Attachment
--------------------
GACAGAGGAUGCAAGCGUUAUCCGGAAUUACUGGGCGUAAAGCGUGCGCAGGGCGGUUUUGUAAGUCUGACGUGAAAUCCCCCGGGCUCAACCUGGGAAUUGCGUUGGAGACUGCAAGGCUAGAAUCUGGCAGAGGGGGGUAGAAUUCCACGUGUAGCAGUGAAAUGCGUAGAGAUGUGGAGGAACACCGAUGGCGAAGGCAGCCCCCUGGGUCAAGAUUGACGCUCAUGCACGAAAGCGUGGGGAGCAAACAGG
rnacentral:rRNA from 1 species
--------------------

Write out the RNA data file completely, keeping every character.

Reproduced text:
GACAGAGGAUGCAAGCGUUAUCCGGAAUUACUGGGCGUAAAGCGUGCGCAGGGCGGUUUUGUAAGUCUGACGUGAAAUCCCCCGGGCUCAACCUGGGAAUUGCGUUGGAGACUGCAAGGCUAGAAUCUGGCAGAGGGGGGUAGAAUUCCACGUGUAGCAGUGAAAUGCGUAGAGAUGUGGAGGAACACCGAUGGCGAAGGCAGCCCCCUGGGUCAAGAUUGACGCUCAUGCACGAAAGCGUGGGGAGCAAACAGG
rnacentral:rRNA from 1 species